Hölderlin, The Basis of Empedocles (trans. David Farrell Krell), in The Death of Empedocles. A Mourning Play. Albany: SUNY (2008)
‘The more organizational, more artistic human being is nature’s flowering; the more aorgic nature, when it is felt in its purity by human beings who are organized purely and educated purely in their mode of being, grants them their feeling of perfection.
Yet such a life is at hand only in feeling, and is not a matter of cognition. If it is to be knowable it must depict itself by separating itself off from itself in the excess of intensity in which opposites mistake themselves for one another, such that the organizational, which surrendered itself too much to nature and thereby forgot its essence and its consciousness, passes over into the extremes of autonomous acitivity art, and reflection; by contrast, nature, at least in the effects it exercises on the reflective human being, passes over into the extreme of the aorgic the inconceivable, the insensible, the unbounded, until both sides, advancing in their reciprocal yet opposite directions, unite with one another in a primordial way, as though encountering one another at the commencement, except that nature has become more organized through the shaping and cultivating human being, through the cultural drives and formative forces in general, whereas, by contrast, the human being has become more aorgic, more universal more infinite.’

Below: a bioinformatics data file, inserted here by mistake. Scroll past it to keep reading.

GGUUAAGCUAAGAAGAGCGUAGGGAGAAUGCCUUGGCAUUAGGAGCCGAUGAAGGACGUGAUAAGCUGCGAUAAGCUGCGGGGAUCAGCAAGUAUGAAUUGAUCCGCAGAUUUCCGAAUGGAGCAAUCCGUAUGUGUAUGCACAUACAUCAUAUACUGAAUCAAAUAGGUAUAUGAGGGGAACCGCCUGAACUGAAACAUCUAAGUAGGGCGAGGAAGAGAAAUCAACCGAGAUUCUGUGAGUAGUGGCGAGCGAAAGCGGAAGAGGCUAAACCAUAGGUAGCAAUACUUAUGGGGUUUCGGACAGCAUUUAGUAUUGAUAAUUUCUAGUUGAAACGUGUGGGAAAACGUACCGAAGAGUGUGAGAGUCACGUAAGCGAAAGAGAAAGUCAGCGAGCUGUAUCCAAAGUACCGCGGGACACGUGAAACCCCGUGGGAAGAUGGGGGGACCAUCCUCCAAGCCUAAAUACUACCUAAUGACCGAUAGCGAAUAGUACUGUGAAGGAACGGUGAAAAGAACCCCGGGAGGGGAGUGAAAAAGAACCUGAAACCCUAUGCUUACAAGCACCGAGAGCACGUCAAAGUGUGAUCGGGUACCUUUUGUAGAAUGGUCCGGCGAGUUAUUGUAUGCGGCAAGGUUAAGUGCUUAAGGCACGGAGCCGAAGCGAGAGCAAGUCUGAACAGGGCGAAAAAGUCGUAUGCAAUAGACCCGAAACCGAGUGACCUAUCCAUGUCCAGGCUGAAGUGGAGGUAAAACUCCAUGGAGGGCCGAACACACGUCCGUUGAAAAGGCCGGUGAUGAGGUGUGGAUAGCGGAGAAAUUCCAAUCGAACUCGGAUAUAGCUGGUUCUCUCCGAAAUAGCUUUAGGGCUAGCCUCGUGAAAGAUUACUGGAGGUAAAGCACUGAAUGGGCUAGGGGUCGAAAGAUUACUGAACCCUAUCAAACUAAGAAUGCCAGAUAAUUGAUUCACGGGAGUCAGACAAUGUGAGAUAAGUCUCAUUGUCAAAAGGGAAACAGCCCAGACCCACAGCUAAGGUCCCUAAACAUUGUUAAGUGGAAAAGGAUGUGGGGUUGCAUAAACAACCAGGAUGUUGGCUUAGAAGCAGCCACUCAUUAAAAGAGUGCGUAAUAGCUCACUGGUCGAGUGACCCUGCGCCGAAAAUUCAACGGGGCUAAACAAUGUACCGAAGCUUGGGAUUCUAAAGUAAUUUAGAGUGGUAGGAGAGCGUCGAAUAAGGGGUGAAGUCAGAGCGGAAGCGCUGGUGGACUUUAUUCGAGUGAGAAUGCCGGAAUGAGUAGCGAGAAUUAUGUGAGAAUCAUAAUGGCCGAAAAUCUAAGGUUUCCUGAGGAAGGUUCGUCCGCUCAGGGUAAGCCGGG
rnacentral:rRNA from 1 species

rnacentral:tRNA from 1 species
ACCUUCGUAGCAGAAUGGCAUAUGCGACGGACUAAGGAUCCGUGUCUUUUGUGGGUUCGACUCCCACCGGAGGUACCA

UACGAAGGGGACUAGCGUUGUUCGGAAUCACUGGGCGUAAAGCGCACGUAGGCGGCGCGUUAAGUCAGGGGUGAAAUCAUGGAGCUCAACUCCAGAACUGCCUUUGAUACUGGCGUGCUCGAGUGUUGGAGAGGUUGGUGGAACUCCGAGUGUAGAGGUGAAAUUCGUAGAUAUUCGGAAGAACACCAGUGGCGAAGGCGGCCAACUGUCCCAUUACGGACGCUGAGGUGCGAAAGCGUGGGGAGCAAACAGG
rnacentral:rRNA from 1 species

the ‘Orgische’ – Rage (Goethe) but also ‘orgon’ (Reich), connection to will as desire, in the broadest sense.